Spring may be bursting into life outside – but after a winter of central heating, biting winds and barely a ray of sunlight, skin can look decidedly less-than-vibrant. In fact, unless you’ve managed to squeeze in some winter sun, the chances are that right now, everything that’s been lurking under a vest/cashmere jumper/your Wolford Velvet Deluxes looks – well, rather like something that has been under a stone. Pale. Pasty. Just plain dull. (And, chances are, dry too – because did you know that clothes actually ‘wick’ the moisture from skin…?)
There is a short-cut to glowing skin, though. And I have a beauty confession to make: I am a scrubber. For at this time of year, reaching for sloughing, buffing products – for bodies and also (tenderly) for faces – is the fastest way to get glowing again after a winter that has felt, once again, w-a-y t-o-o l-o-n-g.
Scrubs have a double-whammy effect: they whisk away the dead, dry cells – and many of them are infused with oils or moisturising ingredients, to leave skin nourished. Faces and bodies respond beautifully to gentle buffing.
First, the how-to for bodies. In fact, opinion is divided about whether or not to apply scrubs before you soak, or during your dunking. Beforehand, I find, is just darned messy. If you do it during the bath, you have to raise the bit you want to scrub above the water line (which is easily done with knees, heels, upper arms and elbows, but less so when it comes to the chickeny skin on your derrière). Speaking practically, a shower is probably the ideal scrub setting – but personally, I’m a 20-minutes-under-the-waterline-with-a-good-book person, whose shower attachment has all but rusted over. So very importantly the golden rule – if you’re going to scrub in the bath, like me – is to seek out those made with sugar or salt, which dissolve totally – otherwise the gritty particles sink to the bottom, and make you feel like you’ve got sand in your underpants.
I love scrubs so much that I have to fight my way into the bath via a slightly perilous stack of tubs. If you’ve got a few minutes, though, I can thoroughly recommend a D-I-Y version. Scrubs – a simple blend of salt and/or sugar, a base oil, plus drops of your favourite essential oils – are an absolute cinch to make yourself (which saves a small fortune, let me tell you, once you’ve made the initial investment in some essential oils). These two – which I recommend storing in a Kilner jar – are both blissful.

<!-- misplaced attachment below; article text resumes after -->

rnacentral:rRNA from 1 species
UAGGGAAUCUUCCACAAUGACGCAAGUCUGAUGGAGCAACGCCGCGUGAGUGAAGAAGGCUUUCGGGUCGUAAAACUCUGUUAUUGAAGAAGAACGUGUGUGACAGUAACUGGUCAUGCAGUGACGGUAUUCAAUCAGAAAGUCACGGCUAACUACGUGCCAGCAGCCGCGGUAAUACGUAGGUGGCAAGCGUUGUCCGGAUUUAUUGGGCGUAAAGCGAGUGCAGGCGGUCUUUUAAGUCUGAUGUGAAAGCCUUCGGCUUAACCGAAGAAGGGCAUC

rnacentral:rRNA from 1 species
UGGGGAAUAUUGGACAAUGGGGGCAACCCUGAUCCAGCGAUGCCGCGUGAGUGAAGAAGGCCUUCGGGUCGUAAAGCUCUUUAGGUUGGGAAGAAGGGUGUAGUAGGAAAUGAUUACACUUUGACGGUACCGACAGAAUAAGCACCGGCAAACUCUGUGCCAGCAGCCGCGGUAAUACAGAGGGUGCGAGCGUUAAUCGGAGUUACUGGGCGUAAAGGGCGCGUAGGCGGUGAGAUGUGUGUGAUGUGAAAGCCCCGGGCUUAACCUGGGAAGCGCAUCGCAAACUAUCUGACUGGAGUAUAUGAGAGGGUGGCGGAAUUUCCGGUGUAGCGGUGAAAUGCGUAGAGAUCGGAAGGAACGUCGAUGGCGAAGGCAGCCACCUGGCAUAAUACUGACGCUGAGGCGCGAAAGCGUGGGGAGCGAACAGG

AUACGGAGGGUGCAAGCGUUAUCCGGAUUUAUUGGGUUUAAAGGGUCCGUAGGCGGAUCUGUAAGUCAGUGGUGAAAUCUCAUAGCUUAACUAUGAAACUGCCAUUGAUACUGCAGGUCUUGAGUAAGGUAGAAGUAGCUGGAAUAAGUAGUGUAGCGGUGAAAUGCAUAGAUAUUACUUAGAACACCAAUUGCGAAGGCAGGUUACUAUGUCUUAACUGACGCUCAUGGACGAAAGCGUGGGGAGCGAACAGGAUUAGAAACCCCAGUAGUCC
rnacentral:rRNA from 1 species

Lavender and salt body scrub
150 g. (5 oz.) salt (I prefer Maldon salt but you can use any grainy salt – crystal or sea salt, kosher salt or Dead Sea salt)
100 g. (31/2 oz.) dried or fresh lavender flowers
375 ml. (12 fl. oz.) sweet almond oil
25 drops lavender essential oil
Blend the dry ingredients and place in a sealable jar (the type I’ve used here – for pickling or preserving, with its rubber seal – is ideal). Then pour the oil over them. Depending on the type of salt you use, you may need to add a little more oil to ‘top up’ the jar. Use by the handful, applied in circular strokes everywhere except the face, which is way too fragile.
Sugar sweet body scrub
150 g. (5 oz.) sugar (I like golden granulated but white sugar makes for
a lighter-coloured scrub)
375 ml. (12 fl. oz.) sweet almond oil
25 g. (1 oz.) dried fennel seeds
20 drops sweet orange essential oil
5 drops ylang-ylang essential oil
5 drops patchouli essential oil
A sugar scrub is a gentle alternative to the salt version – and as a gardener, I like it because it doesn’t sting when I’ve scratched myself! Mix the sugar and the fennel seeds in a bowl. Then pour into a large, sealable jar. In a jug, add the drops of essential oil to the sweet almond oil and pour this over the sugar. (You can vary the fragrance according to your favourite essential oils, adding a total of up to 50 drops of essential oil altogether; this particular blend is pretty warm and sexy.) If you need to, you can add more sweet almond oil to top up the jar. (How much you need depends slightly on the size of sugar granules.) Use scoopfuls, in the bath, and massage into skin in a circular motion. Delicious…
And what about facial scrubs…? At this time of year, skins respond glowingly to a scrub once or twice a week. From here on in through to the end of summer, a regular scrub will banish dinginess – and later, when the sun comes out, help to keep a tan radiant, rather than dry and ‘dusty’-looking. As I’ve been widely quoted as saying, my newest face-buffing addiction is not a cloth, not an exfoliator – but the Konjac sponge: an extraordinary Japanese product, which is made out of bamboo. It’s super-hard and scratchy until immersed in water, when it becomes super-spongey, instead – and can even be used on their own for cleansing, though I prefer to use an actual cleanser, with mine. Amazing! And great for gentle skin-buffing. Meanwhile, whatever you do, avoid facial scrubs that contain scrubs that contain irregularly-shaped particles (such as fruit pits or crushed nutshells), which can increase the risk of tearing. And a great scrub tip that I know is to use your ring finger for applying any scrub to the face, to keep the pressure light.
But – trust me – if you want to get on the fast track to radiance, there is no option than for you to become a scrubber, too…